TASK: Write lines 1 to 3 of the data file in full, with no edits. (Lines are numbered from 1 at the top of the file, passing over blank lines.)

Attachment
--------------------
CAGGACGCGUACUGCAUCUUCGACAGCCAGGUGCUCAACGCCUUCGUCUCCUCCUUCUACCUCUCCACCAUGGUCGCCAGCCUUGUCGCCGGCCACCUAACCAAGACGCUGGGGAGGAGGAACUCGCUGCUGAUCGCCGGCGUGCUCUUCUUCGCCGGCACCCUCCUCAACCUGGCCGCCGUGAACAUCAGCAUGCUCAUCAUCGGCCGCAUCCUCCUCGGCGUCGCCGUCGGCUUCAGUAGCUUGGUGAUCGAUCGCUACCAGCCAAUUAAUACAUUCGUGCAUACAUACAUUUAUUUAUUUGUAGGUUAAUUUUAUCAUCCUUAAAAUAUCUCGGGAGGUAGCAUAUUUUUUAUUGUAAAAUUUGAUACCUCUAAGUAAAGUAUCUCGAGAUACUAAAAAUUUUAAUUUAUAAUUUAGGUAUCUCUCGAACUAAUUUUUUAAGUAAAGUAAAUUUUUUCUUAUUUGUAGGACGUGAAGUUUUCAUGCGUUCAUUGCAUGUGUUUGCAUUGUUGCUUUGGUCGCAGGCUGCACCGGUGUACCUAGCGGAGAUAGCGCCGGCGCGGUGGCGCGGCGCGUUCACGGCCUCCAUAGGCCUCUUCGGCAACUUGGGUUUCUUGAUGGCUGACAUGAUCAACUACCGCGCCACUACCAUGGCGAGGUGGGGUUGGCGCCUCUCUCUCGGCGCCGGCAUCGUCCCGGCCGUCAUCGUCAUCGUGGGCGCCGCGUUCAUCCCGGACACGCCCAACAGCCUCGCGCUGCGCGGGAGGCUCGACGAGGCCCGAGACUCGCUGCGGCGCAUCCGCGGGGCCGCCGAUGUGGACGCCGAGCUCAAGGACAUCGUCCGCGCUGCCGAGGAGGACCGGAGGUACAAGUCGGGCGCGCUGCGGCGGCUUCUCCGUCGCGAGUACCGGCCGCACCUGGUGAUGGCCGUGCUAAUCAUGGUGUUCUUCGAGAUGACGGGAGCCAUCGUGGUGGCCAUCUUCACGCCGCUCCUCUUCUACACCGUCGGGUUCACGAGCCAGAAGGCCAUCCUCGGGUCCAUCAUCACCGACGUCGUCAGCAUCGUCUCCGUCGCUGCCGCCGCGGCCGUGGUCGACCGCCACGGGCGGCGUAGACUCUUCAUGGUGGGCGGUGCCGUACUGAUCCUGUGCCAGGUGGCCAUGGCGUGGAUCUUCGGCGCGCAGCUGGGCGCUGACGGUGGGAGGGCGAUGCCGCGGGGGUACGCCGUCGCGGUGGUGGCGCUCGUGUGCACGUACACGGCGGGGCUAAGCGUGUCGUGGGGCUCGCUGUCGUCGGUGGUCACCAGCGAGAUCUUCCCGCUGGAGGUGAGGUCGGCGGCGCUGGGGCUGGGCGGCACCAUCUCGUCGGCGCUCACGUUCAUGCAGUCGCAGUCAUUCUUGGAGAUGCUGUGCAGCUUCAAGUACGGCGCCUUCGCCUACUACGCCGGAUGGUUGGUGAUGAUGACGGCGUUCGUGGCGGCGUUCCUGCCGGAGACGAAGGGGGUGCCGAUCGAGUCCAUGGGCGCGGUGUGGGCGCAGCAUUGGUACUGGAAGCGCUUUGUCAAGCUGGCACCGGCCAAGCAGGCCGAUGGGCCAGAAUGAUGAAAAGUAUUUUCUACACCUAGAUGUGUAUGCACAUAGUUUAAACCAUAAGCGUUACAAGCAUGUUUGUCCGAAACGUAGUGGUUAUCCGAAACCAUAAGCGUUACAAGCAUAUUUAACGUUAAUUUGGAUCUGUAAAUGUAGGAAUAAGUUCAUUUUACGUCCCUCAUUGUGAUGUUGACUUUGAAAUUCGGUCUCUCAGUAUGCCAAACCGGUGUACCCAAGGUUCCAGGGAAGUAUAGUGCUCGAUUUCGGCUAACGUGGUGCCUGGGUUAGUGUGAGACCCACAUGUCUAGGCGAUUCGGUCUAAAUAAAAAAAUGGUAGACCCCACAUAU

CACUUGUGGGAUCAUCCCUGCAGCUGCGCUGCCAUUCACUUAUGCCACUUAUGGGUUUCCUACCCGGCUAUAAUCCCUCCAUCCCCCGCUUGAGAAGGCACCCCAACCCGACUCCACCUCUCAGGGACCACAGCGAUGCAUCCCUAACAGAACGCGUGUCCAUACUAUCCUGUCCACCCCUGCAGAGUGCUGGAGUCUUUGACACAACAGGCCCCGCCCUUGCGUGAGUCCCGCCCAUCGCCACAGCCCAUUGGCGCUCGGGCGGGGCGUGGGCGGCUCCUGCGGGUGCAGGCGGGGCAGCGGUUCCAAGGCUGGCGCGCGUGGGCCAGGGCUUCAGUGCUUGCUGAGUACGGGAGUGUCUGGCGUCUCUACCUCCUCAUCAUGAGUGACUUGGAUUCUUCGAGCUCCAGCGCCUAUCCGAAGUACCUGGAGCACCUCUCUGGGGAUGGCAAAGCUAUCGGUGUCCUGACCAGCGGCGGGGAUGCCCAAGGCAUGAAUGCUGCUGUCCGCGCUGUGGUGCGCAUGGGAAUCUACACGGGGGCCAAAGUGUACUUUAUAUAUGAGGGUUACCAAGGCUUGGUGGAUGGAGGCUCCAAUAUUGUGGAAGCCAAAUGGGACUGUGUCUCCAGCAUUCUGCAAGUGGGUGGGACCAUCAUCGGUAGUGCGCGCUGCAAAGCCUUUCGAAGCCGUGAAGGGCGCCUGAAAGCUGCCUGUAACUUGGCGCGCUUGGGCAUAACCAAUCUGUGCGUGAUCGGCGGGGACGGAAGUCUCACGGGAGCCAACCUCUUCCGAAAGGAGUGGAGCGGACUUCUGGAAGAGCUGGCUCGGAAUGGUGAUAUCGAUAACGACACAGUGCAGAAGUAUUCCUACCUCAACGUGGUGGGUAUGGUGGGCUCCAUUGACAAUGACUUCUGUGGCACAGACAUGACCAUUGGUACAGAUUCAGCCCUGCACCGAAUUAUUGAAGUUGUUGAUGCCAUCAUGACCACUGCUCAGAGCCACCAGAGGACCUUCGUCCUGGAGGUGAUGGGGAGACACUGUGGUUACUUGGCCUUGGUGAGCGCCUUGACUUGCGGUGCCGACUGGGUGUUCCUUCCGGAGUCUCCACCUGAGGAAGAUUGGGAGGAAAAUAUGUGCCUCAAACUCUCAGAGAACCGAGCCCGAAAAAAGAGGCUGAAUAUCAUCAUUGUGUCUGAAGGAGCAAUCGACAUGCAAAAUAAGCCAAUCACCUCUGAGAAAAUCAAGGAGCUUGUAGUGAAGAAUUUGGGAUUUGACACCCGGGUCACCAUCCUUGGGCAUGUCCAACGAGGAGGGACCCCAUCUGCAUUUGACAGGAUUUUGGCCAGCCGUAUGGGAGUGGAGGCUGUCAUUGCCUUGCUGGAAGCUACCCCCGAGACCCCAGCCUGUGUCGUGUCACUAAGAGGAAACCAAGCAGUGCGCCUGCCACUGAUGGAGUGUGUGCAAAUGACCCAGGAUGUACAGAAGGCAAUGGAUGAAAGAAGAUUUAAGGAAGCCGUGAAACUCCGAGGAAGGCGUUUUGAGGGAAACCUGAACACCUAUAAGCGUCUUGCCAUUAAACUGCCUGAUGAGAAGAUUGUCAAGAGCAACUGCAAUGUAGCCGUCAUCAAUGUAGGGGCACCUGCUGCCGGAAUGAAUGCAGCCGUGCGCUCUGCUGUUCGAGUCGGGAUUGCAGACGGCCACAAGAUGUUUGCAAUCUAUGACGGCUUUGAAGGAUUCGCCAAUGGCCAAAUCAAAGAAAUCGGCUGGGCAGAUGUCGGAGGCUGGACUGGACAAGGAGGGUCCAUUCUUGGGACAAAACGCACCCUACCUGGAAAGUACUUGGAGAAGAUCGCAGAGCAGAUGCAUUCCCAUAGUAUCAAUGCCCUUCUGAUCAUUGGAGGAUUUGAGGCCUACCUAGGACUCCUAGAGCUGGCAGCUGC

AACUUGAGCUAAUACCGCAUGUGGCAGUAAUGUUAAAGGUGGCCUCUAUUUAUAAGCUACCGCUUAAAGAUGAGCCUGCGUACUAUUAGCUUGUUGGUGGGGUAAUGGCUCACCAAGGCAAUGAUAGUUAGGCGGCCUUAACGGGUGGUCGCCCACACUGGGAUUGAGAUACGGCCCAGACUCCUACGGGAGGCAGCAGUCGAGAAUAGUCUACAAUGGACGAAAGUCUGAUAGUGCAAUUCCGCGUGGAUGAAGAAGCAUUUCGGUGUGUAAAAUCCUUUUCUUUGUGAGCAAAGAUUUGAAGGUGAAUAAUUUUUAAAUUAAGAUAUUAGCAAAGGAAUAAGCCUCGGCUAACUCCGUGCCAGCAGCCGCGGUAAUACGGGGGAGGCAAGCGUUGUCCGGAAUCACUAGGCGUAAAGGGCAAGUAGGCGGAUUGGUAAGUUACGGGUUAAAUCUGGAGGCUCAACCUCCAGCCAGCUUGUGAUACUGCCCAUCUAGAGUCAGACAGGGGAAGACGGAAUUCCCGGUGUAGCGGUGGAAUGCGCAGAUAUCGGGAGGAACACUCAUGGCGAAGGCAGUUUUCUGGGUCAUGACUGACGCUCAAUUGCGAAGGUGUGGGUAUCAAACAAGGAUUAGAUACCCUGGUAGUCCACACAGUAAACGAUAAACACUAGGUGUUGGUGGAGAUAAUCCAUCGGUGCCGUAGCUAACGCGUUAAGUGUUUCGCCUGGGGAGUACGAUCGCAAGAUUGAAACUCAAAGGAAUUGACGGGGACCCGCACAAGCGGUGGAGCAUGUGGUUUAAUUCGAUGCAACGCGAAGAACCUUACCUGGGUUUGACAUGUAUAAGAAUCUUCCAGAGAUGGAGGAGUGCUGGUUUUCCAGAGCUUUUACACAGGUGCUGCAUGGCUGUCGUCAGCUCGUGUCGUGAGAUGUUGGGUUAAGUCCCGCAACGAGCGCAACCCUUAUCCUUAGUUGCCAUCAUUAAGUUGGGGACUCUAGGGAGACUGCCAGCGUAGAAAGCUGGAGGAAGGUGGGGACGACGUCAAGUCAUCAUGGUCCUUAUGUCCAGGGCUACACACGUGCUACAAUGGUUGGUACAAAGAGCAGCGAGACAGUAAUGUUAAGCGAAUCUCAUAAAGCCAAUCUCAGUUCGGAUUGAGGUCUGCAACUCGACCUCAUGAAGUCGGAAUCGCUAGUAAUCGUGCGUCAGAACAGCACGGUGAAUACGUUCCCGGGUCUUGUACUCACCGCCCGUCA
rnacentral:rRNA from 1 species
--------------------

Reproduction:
CAGGACGCGUACUGCAUCUUCGACAGCCAGGUGCUCAACGCCUUCGUCUCCUCCUUCUACCUCUCCACCAUGGUCGCCAGCCUUGUCGCCGGCCACCUAACCAAGACGCUGGGGAGGAGGAACUCGCUGCUGAUCGCCGGCGUGCUCUUCUUCGCCGGCACCCUCCUCAACCUGGCCGCCGUGAACAUCAGCAUGCUCAUCAUCGGCCGCAUCCUCCUCGGCGUCGCCGUCGGCUUCAGUAGCUUGGUGAUCGAUCGCUACCAGCCAAUUAAUACAUUCGUGCAUACAUACAUUUAUUUAUUUGUAGGUUAAUUUUAUCAUCCUUAAAAUAUCUCGGGAGGUAGCAUAUUUUUUAUUGUAAAAUUUGAUACCUCUAAGUAAAGUAUCUCGAGAUACUAAAAAUUUUAAUUUAUAAUUUAGGUAUCUCUCGAACUAAUUUUUUAAGUAAAGUAAAUUUUUUCUUAUUUGUAGGACGUGAAGUUUUCAUGCGUUCAUUGCAUGUGUUUGCAUUGUUGCUUUGGUCGCAGGCUGCACCGGUGUACCUAGCGGAGAUAGCGCCGGCGCGGUGGCGCGGCGCGUUCACGGCCUCCAUAGGCCUCUUCGGCAACUUGGGUUUCUUGAUGGCUGACAUGAUCAACUACCGCGCCACUACCAUGGCGAGGUGGGGUUGGCGCCUCUCUCUCGGCGCCGGCAUCGUCCCGGCCGUCAUCGUCAUCGUGGGCGCCGCGUUCAUCCCGGACACGCCCAACAGCCUCGCGCUGCGCGGGAGGCUCGACGAGGCCCGAGACUCGCUGCGGCGCAUCCGCGGGGCCGCCGAUGUGGACGCCGAGCUCAAGGACAUCGUCCGCGCUGCCGAGGAGGACCGGAGGUACAAGUCGGGCGCGCUGCGGCGGCUUCUCCGUCGCGAGUACCGGCCGCACCUGGUGAUGGCCGUGCUAAUCAUGGUGUUCUUCGAGAUGACGGGAGCCAUCGUGGUGGCCAUCUUCACGCCGCUCCUCUUCUACACCGUCGGGUUCACGAGCCAGAAGGCCAUCCUCGGGUCCAUCAUCACCGACGUCGUCAGCAUCGUCUCCGUCGCUGCCGCCGCGGCCGUGGUCGACCGCCACGGGCGGCGUAGACUCUUCAUGGUGGGCGGUGCCGUACUGAUCCUGUGCCAGGUGGCCAUGGCGUGGAUCUUCGGCGCGCAGCUGGGCGCUGACGGUGGGAGGGCGAUGCCGCGGGGGUACGCCGUCGCGGUGGUGGCGCUCGUGUGCACGUACACGGCGGGGCUAAGCGUGUCGUGGGGCUCGCUGUCGUCGGUGGUCACCAGCGAGAUCUUCCCGCUGGAGGUGAGGUCGGCGGCGCUGGGGCUGGGCGGCACCAUCUCGUCGGCGCUCACGUUCAUGCAGUCGCAGUCAUUCUUGGAGAUGCUGUGCAGCUUCAAGUACGGCGCCUUCGCCUACUACGCCGGAUGGUUGGUGAUGAUGACGGCGUUCGUGGCGGCGUUCCUGCCGGAGACGAAGGGGGUGCCGAUCGAGUCCAUGGGCGCGGUGUGGGCGCAGCAUUGGUACUGGAAGCGCUUUGUCAAGCUGGCACCGGCCAAGCAGGCCGAUGGGCCAGAAUGAUGAAAAGUAUUUUCUACACCUAGAUGUGUAUGCACAUAGUUUAAACCAUAAGCGUUACAAGCAUGUUUGUCCGAAACGUAGUGGUUAUCCGAAACCAUAAGCGUUACAAGCAUAUUUAACGUUAAUUUGGAUCUGUAAAUGUAGGAAUAAGUUCAUUUUACGUCCCUCAUUGUGAUGUUGACUUUGAAAUUCGGUCUCUCAGUAUGCCAAACCGGUGUACCCAAGGUUCCAGGGAAGUAUAGUGCUCGAUUUCGGCUAACGUGGUGCCUGGGUUAGUGUGAGACCCACAUGUCUAGGCGAUUCGGUCUAAAUAAAAAAAUGGUAGACCCCACAUAU

CACUUGUGGGAUCAUCCCUGCAGCUGCGCUGCCAUUCACUUAUGCCACUUAUGGGUUUCCUACCCGGCUAUAAUCCCUCCAUCCCCCGCUUGAGAAGGCACCCCAACCCGACUCCACCUCUCAGGGACCACAGCGAUGCAUCCCUAACAGAACGCGUGUCCAUACUAUCCUGUCCACCCCUGCAGAGUGCUGGAGUCUUUGACACAACAGGCCCCGCCCUUGCGUGAGUCCCGCCCAUCGCCACAGCCCAUUGGCGCUCGGGCGGGGCGUGGGCGGCUCCUGCGGGUGCAGGCGGGGCAGCGGUUCCAAGGCUGGCGCGCGUGGGCCAGGGCUUCAGUGCUUGCUGAGUACGGGAGUGUCUGGCGUCUCUACCUCCUCAUCAUGAGUGACUUGGAUUCUUCGAGCUCCAGCGCCUAUCCGAAGUACCUGGAGCACCUCUCUGGGGAUGGCAAAGCUAUCGGUGUCCUGACCAGCGGCGGGGAUGCCCAAGGCAUGAAUGCUGCUGUCCGCGCUGUGGUGCGCAUGGGAAUCUACACGGGGGCCAAAGUGUACUUUAUAUAUGAGGGUUACCAAGGCUUGGUGGAUGGAGGCUCCAAUAUUGUGGAAGCCAAAUGGGACUGUGUCUCCAGCAUUCUGCAAGUGGGUGGGACCAUCAUCGGUAGUGCGCGCUGCAAAGCCUUUCGAAGCCGUGAAGGGCGCCUGAAAGCUGCCUGUAACUUGGCGCGCUUGGGCAUAACCAAUCUGUGCGUGAUCGGCGGGGACGGAAGUCUCACGGGAGCCAACCUCUUCCGAAAGGAGUGGAGCGGACUUCUGGAAGAGCUGGCUCGGAAUGGUGAUAUCGAUAACGACACAGUGCAGAAGUAUUCCUACCUCAACGUGGUGGGUAUGGUGGGCUCCAUUGACAAUGACUUCUGUGGCACAGACAUGACCAUUGGUACAGAUUCAGCCCUGCACCGAAUUAUUGAAGUUGUUGAUGCCAUCAUGACCACUGCUCAGAGCCACCAGAGGACCUUCGUCCUGGAGGUGAUGGGGAGACACUGUGGUUACUUGGCCUUGGUGAGCGCCUUGACUUGCGGUGCCGACUGGGUGUUCCUUCCGGAGUCUCCACCUGAGGAAGAUUGGGAGGAAAAUAUGUGCCUCAAACUCUCAGAGAACCGAGCCCGAAAAAAGAGGCUGAAUAUCAUCAUUGUGUCUGAAGGAGCAAUCGACAUGCAAAAUAAGCCAAUCACCUCUGAGAAAAUCAAGGAGCUUGUAGUGAAGAAUUUGGGAUUUGACACCCGGGUCACCAUCCUUGGGCAUGUCCAACGAGGAGGGACCCCAUCUGCAUUUGACAGGAUUUUGGCCAGCCGUAUGGGAGUGGAGGCUGUCAUUGCCUUGCUGGAAGCUACCCCCGAGACCCCAGCCUGUGUCGUGUCACUAAGAGGAAACCAAGCAGUGCGCCUGCCACUGAUGGAGUGUGUGCAAAUGACCCAGGAUGUACAGAAGGCAAUGGAUGAAAGAAGAUUUAAGGAAGCCGUGAAACUCCGAGGAAGGCGUUUUGAGGGAAACCUGAACACCUAUAAGCGUCUUGCCAUUAAACUGCCUGAUGAGAAGAUUGUCAAGAGCAACUGCAAUGUAGCCGUCAUCAAUGUAGGGGCACCUGCUGCCGGAAUGAAUGCAGCCGUGCGCUCUGCUGUUCGAGUCGGGAUUGCAGACGGCCACAAGAUGUUUGCAAUCUAUGACGGCUUUGAAGGAUUCGCCAAUGGCCAAAUCAAAGAAAUCGGCUGGGCAGAUGUCGGAGGCUGGACUGGACAAGGAGGGUCCAUUCUUGGGACAAAACGCACCCUACCUGGAAAGUACUUGGAGAAGAUCGCAGAGCAGAUGCAUUCCCAUAGUAUCAAUGCCCUUCUGAUCAUUGGAGGAUUUGAGGCCUACCUAGGACUCCUAGAGCUGGCAGCUGC

AACUUGAGCUAAUACCGCAUGUGGCAGUAAUGUUAAAGGUGGCCUCUAUUUAUAAGCUACCGCUUAAAGAUGAGCCUGCGUACUAUUAGCUUGUUGGUGGGGUAAUGGCUCACCAAGGCAAUGAUAGUUAGGCGGCCUUAACGGGUGGUCGCCCACACUGGGAUUGAGAUACGGCCCAGACUCCUACGGGAGGCAGCAGUCGAGAAUAGUCUACAAUGGACGAAAGUCUGAUAGUGCAAUUCCGCGUGGAUGAAGAAGCAUUUCGGUGUGUAAAAUCCUUUUCUUUGUGAGCAAAGAUUUGAAGGUGAAUAAUUUUUAAAUUAAGAUAUUAGCAAAGGAAUAAGCCUCGGCUAACUCCGUGCCAGCAGCCGCGGUAAUACGGGGGAGGCAAGCGUUGUCCGGAAUCACUAGGCGUAAAGGGCAAGUAGGCGGAUUGGUAAGUUACGGGUUAAAUCUGGAGGCUCAACCUCCAGCCAGCUUGUGAUACUGCCCAUCUAGAGUCAGACAGGGGAAGACGGAAUUCCCGGUGUAGCGGUGGAAUGCGCAGAUAUCGGGAGGAACACUCAUGGCGAAGGCAGUUUUCUGGGUCAUGACUGACGCUCAAUUGCGAAGGUGUGGGUAUCAAACAAGGAUUAGAUACCCUGGUAGUCCACACAGUAAACGAUAAACACUAGGUGUUGGUGGAGAUAAUCCAUCGGUGCCGUAGCUAACGCGUUAAGUGUUUCGCCUGGGGAGUACGAUCGCAAGAUUGAAACUCAAAGGAAUUGACGGGGACCCGCACAAGCGGUGGAGCAUGUGGUUUAAUUCGAUGCAACGCGAAGAACCUUACCUGGGUUUGACAUGUAUAAGAAUCUUCCAGAGAUGGAGGAGUGCUGGUUUUCCAGAGCUUUUACACAGGUGCUGCAUGGCUGUCGUCAGCUCGUGUCGUGAGAUGUUGGGUUAAGUCCCGCAACGAGCGCAACCCUUAUCCUUAGUUGCCAUCAUUAAGUUGGGGACUCUAGGGAGACUGCCAGCGUAGAAAGCUGGAGGAAGGUGGGGACGACGUCAAGUCAUCAUGGUCCUUAUGUCCAGGGCUACACACGUGCUACAAUGGUUGGUACAAAGAGCAGCGAGACAGUAAUGUUAAGCGAAUCUCAUAAAGCCAAUCUCAGUUCGGAUUGAGGUCUGCAACUCGACCUCAUGAAGUCGGAAUCGCUAGUAAUCGUGCGUCAGAACAGCACGGUGAAUACGUUCCCGGGUCUUGUACUCACCGCCCGUCA